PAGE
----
When the DA’s subpoena calling for the tax returns first landed, Trump responded by raising an “absolute immunity” defense, arguing that he cannot even be investigated criminally while in office. The federal courts did not agree, to put it mildly. First, federal district court Judge Victor Marrero — I appeared in front of him many times and he’s as even-keeled a jurist as you’ll find — forcefully rejected Trump’s argument, calling “aspects of such a doctrine repugnant to the nation’s governmental structure and constitutional values.” (0 for 1, for those keeping count). A panel of the Court of Appeals for the Second Circuit concurred, quoting the Supreme Court’s warning in the Richard Nixon tapes case that Trump’s argument, if accepted, would “gravely impair the basic function of the courts.” (0 for 2).
The Supreme Court then granted “certiorari,” meaning it decided to take the case. Once again, Trump lost. This time, it had to hurt a little extra to see both of his own Supreme Court nominees, Justices Neil Gorsuch and Brett Kavanaugh, side against him in a 7-2 ruling. At this point, Trump was 0 for 3. But it wasn’t over yet because, while the Court rejected the President’s specific “absolute immunity” argument, it still left the door open for him to make other arguments against the subpoena.
So down we went to the district court to begin another go-round. This time, Trump tried new legal arguments — he claimed the subpoena was overbroad and meant to harass — and he met with just as little success. Judge Marrero rejected Trump’s challenge (0 for 4) and the Court of Appeals did the same (0 for 5).
Trump now has asked the Supreme Court to take up the case, for a second time. One way or another, this will be the last stop. I doubt the Court will take the case; the Court of Appeals correctly and pointedly noted that the subpoena calls for “run-of-the-mill documents typically relevant to a grand jury investigation.” This language seems purposeful; the Supreme Court generally steers clear of “run-of-the-mill” disputes. And if the Court does take the case, then I see no realistic chance they come out in Trump’s favor, given the merit of his arguments and the Court’s prior 7-2 rejection of his initial claim.
Trump almost certainly will lose this legal battle at some point, likely soon. But ultimately he will prevail simply by jamming up the system. He has appealed, and re-appealed, and re-re-re-appealed. As a result, the Manhattan DA likely will not have the tax returns before Election Day, and the general public certainly won’t see them by then. Credit Trump for this much: he has figured out a way to turn 0 for 5 into a win.
Now, your questions:
Jeff (Idaho): Can Congress reduce the number of Supreme Court Justices, or only increase?
Congress technically can either increase or decrease the number of seats on the Supreme Court. We’ve become used to having nine seats on the Supreme Court, but the Constitution actually does not specify any particular number. Congress has the power to set that number through legislation, and it has exercised that power throughout the nation’s early history; at times, we’ve had as few as five and as many as 10 justices on the Court. But the current law, setting the number at nine, was passed over 150 years ago, in 1869. So while we’ve gotten used to the notion of a nine-justice Supreme Court, Congress does have the power to either increase or decrease the number of seats.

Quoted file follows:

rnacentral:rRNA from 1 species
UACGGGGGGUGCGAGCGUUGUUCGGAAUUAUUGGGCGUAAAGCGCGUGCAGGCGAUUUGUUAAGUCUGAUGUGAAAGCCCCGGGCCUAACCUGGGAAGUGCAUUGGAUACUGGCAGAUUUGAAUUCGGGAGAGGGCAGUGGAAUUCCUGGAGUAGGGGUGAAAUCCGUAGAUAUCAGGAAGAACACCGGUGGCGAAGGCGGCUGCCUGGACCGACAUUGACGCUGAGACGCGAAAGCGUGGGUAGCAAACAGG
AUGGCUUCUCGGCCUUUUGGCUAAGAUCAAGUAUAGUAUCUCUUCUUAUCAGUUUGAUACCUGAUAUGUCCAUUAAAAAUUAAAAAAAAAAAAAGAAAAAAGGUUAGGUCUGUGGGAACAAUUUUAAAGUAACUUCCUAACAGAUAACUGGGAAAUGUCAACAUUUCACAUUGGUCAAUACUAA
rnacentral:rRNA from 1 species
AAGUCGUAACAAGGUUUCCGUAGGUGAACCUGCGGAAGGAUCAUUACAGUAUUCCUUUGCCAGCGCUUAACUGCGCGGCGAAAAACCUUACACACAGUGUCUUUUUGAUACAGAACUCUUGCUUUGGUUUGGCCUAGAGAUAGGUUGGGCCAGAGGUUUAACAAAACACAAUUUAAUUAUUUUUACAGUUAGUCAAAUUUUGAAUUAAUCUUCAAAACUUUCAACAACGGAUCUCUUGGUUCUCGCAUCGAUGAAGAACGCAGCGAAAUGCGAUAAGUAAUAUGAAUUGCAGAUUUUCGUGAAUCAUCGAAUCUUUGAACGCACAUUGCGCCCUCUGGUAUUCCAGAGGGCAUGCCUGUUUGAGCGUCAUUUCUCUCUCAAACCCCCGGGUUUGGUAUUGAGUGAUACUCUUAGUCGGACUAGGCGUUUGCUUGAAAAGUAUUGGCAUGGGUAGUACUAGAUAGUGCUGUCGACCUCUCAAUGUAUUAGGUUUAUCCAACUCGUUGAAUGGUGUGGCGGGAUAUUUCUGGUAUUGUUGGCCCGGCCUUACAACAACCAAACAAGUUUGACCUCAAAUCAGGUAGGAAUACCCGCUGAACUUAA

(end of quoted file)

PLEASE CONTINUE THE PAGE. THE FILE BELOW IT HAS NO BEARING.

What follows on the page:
Decreasing the number would run into the practical and legal difficulty of removing one or more sitting justices, who, under the Constitution, serve life terms. If a decrease is the object, then perhaps the only workable solution then is to provide that some set number of vacancies, as they arise, will not be filled, until we are left with the desired number of seats.
Mary (North Carolina): Does the president have authority to issue a nationwide face mask mandate?
Probably. Federal law gives the Secretary of the Department of Health and Human Services the authority to issue regulations that “in his judgment are necessary to prevent the introduction, transmission, or spread of communicable diseases” from foreign countries into the United States, or between states. The President, as head of the Executive Branch, can instruct the Secretary to exercise this power.
That federal government’s authority here is extraordinarily broad. For example, the law permits the Secretary to require “inspection, fumigation, disinfection, sanitation, pest extermination, destruction of animals or articles found to be so infected or contaminated.” Logically, if the regulations can go so far as to require extermination or destruction of goods to prevent the spread of disease, then it should also permit a mandatory order that people wear face masks in public, which, if anything, is less drastic and less intrusive.
Daniel (New York): In the line of succession, does the secretary of state or the speaker of the house become president, after the vice president?
Federal law provides that the speaker of the House and the Senate president pro tempore are third and fourth in line to the presidency, followed by the secretary of state. But the Constitution itself provides that only an “officer” can succeed to the presidency, and there is a constitutional question about whether congressional leaders qualify as “officers” given the original meaning and intent of the Constitutional framers. There is some historical support for the notion that “officers” means only Executive Branch officials, and not members of Congress; if so, then the secretary of state, not the speaker of the House, would be third in line of succession. In the very unlikely event that succession ever got that far, we could see a legal dispute that likely would wind up in the Supreme Court.